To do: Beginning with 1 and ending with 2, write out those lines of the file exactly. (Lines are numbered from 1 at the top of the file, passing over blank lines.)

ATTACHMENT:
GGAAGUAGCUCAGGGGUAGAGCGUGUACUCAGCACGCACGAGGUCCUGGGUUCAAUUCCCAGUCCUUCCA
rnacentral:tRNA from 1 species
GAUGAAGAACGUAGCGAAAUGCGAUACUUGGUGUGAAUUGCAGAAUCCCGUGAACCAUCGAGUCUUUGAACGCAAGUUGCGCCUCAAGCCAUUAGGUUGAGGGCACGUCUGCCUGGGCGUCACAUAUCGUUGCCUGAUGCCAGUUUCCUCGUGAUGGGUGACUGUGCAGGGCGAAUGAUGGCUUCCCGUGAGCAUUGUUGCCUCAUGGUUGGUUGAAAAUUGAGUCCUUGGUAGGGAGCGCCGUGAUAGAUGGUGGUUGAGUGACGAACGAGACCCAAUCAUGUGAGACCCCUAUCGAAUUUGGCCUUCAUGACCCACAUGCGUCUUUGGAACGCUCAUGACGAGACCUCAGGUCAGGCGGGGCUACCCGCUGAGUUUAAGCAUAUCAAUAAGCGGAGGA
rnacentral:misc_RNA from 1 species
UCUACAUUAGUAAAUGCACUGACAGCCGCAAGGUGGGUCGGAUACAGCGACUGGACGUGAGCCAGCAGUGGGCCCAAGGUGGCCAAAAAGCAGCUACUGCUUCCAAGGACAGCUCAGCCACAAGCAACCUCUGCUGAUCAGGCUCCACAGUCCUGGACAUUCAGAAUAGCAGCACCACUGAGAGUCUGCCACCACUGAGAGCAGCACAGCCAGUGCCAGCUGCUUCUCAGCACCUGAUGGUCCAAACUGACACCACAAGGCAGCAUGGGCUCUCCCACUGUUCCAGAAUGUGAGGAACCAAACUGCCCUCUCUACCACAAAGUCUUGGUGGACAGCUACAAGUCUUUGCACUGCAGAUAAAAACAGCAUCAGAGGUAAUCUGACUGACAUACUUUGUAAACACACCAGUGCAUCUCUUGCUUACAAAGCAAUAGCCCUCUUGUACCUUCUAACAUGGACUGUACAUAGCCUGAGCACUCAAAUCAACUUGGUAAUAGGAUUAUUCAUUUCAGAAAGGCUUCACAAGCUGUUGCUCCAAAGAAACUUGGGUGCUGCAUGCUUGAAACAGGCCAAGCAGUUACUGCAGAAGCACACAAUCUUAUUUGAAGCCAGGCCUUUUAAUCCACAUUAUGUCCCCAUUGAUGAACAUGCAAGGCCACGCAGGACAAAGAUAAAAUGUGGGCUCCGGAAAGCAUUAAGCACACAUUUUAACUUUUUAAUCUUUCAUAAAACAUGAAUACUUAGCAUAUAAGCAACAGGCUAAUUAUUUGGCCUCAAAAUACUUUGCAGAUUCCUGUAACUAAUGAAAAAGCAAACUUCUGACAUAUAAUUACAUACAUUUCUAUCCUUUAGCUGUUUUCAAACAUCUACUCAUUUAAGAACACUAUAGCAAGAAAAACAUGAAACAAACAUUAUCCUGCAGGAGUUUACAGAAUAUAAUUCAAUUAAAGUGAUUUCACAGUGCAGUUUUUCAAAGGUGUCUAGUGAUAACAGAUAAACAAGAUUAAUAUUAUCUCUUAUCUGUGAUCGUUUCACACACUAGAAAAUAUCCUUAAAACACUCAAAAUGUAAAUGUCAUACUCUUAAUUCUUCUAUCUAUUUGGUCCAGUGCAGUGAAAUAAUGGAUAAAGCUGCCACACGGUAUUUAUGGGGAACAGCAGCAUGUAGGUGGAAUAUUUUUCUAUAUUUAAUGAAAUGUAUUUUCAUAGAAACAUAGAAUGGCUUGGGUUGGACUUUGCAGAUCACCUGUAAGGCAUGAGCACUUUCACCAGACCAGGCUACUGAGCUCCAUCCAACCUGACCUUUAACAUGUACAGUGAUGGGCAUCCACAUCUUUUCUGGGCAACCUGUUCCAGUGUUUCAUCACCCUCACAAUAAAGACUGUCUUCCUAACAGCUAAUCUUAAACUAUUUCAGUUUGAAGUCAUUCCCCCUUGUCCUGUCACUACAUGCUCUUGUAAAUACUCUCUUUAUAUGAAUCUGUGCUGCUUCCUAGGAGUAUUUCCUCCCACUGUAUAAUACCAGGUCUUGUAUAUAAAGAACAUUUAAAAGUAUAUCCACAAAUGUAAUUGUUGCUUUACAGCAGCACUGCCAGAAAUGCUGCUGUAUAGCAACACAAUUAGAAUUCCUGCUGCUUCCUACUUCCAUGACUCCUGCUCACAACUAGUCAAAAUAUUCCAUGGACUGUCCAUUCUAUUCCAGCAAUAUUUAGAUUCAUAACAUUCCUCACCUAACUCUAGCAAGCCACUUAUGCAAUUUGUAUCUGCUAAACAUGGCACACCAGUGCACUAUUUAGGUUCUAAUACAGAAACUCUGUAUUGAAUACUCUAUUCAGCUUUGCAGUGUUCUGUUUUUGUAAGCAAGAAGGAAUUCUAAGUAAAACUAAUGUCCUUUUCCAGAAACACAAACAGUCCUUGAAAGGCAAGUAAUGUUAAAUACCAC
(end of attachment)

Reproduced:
GGAAGUAGCUCAGGGGUAGAGCGUGUACUCAGCACGCACGAGGUCCUGGGUUCAAUUCCCAGUCCUUCCA
rnacentral:tRNA from 1 species